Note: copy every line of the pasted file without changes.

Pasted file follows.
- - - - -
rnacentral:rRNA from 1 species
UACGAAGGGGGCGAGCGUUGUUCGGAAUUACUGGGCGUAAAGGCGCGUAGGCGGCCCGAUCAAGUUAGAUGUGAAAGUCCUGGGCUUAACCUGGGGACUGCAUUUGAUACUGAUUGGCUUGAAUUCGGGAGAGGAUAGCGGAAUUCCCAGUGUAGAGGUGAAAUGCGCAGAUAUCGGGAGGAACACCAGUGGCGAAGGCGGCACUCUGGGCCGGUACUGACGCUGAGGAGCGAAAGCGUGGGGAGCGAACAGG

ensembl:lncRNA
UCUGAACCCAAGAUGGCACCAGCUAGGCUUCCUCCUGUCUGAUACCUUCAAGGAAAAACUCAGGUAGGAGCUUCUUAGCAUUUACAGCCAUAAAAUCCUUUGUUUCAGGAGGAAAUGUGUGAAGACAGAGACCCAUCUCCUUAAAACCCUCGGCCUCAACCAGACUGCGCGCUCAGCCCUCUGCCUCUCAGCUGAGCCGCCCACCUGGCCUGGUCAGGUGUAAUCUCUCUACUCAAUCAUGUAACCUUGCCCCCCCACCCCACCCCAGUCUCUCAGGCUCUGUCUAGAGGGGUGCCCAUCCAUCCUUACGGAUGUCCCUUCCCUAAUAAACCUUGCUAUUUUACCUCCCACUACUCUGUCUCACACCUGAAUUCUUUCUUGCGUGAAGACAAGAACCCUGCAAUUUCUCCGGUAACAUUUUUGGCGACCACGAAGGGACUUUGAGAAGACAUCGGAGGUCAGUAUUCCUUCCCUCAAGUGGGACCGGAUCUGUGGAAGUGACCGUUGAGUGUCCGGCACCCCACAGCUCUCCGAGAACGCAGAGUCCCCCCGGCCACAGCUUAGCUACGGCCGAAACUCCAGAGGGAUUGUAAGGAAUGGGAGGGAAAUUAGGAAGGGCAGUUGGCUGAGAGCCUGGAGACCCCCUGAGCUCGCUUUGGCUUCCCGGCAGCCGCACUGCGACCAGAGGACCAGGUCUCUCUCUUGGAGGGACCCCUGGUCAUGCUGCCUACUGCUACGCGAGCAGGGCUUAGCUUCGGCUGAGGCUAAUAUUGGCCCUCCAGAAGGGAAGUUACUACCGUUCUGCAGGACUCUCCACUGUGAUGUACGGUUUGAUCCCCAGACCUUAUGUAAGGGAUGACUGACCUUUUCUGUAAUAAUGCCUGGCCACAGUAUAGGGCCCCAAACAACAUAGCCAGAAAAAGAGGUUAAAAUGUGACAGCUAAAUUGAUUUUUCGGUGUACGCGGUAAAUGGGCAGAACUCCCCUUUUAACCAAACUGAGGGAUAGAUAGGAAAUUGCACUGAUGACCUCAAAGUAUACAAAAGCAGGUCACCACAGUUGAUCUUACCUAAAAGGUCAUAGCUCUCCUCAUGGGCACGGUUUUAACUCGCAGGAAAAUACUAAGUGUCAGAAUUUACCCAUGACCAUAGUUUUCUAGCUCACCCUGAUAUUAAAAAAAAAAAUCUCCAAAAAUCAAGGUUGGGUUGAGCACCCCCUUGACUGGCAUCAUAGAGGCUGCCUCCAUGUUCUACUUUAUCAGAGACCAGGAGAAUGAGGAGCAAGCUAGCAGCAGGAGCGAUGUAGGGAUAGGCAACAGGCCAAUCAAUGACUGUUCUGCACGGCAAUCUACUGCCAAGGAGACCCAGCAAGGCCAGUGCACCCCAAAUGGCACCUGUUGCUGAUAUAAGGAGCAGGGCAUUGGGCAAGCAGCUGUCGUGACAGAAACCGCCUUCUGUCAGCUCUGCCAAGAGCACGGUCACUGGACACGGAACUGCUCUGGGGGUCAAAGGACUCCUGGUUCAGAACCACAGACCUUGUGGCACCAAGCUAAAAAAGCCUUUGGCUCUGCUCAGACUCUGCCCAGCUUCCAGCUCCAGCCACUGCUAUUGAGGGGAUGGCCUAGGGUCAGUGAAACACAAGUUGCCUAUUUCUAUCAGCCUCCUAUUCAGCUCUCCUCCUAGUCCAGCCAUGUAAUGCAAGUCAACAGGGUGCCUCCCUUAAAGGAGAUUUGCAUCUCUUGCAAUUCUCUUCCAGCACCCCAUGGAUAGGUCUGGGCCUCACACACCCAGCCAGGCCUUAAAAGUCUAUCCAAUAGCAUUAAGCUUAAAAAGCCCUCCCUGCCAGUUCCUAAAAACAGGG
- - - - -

rnacentral:rRNA from 1 species
UACGAAGGGGGCGAGCGUUGUUCGGAAUUACUGGGCGUAAAGGCGCGUAGGCGGCCCGAUCAAGUUAGAUGUGAAAGUCCUGGGCUUAACCUGGGGACUGCAUUUGAUACUGAUUGGCUUGAAUUCGGGAGAGGAUAGCGGAAUUCCCAGUGUAGAGGUGAAAUGCGCAGAUAUCGGGAGGAACACCAGUGGCGAAGGCGGCACUCUGGGCCGGUACUGACGCUGAGGAGCGAAAGCGUGGGGAGCGAACAGG

ensembl:lncRNA
UCUGAACCCAAGAUGGCACCAGCUAGGCUUCCUCCUGUCUGAUACCUUCAAGGAAAAACUCAGGUAGGAGCUUCUUAGCAUUUACAGCCAUAAAAUCCUUUGUUUCAGGAGGAAAUGUGUGAAGACAGAGACCCAUCUCCUUAAAACCCUCGGCCUCAACCAGACUGCGCGCUCAGCCCUCUGCCUCUCAGCUGAGCCGCCCACCUGGCCUGGUCAGGUGUAAUCUCUCUACUCAAUCAUGUAACCUUGCCCCCCCACCCCACCCCAGUCUCUCAGGCUCUGUCUAGAGGGGUGCCCAUCCAUCCUUACGGAUGUCCCUUCCCUAAUAAACCUUGCUAUUUUACCUCCCACUACUCUGUCUCACACCUGAAUUCUUUCUUGCGUGAAGACAAGAACCCUGCAAUUUCUCCGGUAACAUUUUUGGCGACCACGAAGGGACUUUGAGAAGACAUCGGAGGUCAGUAUUCCUUCCCUCAAGUGGGACCGGAUCUGUGGAAGUGACCGUUGAGUGUCCGGCACCCCACAGCUCUCCGAGAACGCAGAGUCCCCCCGGCCACAGCUUAGCUACGGCCGAAACUCCAGAGGGAUUGUAAGGAAUGGGAGGGAAAUUAGGAAGGGCAGUUGGCUGAGAGCCUGGAGACCCCCUGAGCUCGCUUUGGCUUCCCGGCAGCCGCACUGCGACCAGAGGACCAGGUCUCUCUCUUGGAGGGACCCCUGGUCAUGCUGCCUACUGCUACGCGAGCAGGGCUUAGCUUCGGCUGAGGCUAAUAUUGGCCCUCCAGAAGGGAAGUUACUACCGUUCUGCAGGACUCUCCACUGUGAUGUACGGUUUGAUCCCCAGACCUUAUGUAAGGGAUGACUGACCUUUUCUGUAAUAAUGCCUGGCCACAGUAUAGGGCCCCAAACAACAUAGCCAGAAAAAGAGGUUAAAAUGUGACAGCUAAAUUGAUUUUUCGGUGUACGCGGUAAAUGGGCAGAACUCCCCUUUUAACCAAACUGAGGGAUAGAUAGGAAAUUGCACUGAUGACCUCAAAGUAUACAAAAGCAGGUCACCACAGUUGAUCUUACCUAAAAGGUCAUAGCUCUCCUCAUGGGCACGGUUUUAACUCGCAGGAAAAUACUAAGUGUCAGAAUUUACCCAUGACCAUAGUUUUCUAGCUCACCCUGAUAUUAAAAAAAAAAAUCUCCAAAAAUCAAGGUUGGGUUGAGCACCCCCUUGACUGGCAUCAUAGAGGCUGCCUCCAUGUUCUACUUUAUCAGAGACCAGGAGAAUGAGGAGCAAGCUAGCAGCAGGAGCGAUGUAGGGAUAGGCAACAGGCCAAUCAAUGACUGUUCUGCACGGCAAUCUACUGCCAAGGAGACCCAGCAAGGCCAGUGCACCCCAAAUGGCACCUGUUGCUGAUAUAAGGAGCAGGGCAUUGGGCAAGCAGCUGUCGUGACAGAAACCGCCUUCUGUCAGCUCUGCCAAGAGCACGGUCACUGGACACGGAACUGCUCUGGGGGUCAAAGGACUCCUGGUUCAGAACCACAGACCUUGUGGCACCAAGCUAAAAAAGCCUUUGGCUCUGCUCAGACUCUGCCCAGCUUCCAGCUCCAGCCACUGCUAUUGAGGGGAUGGCCUAGGGUCAGUGAAACACAAGUUGCCUAUUUCUAUCAGCCUCCUAUUCAGCUCUCCUCCUAGUCCAGCCAUGUAAUGCAAGUCAACAGGGUGCCUCCCUUAAAGGAGAUUUGCAUCUCUUGCAAUUCUCUUCCAGCACCCCAUGGAUAGGUCUGGGCCUCACACACCCAGCCAGGCCUUAAAAGUCUAUCCAAUAGCAUUAAGCUUAAAAAGCCCUCCCUGCCAGUUCCUAAAAACAGGG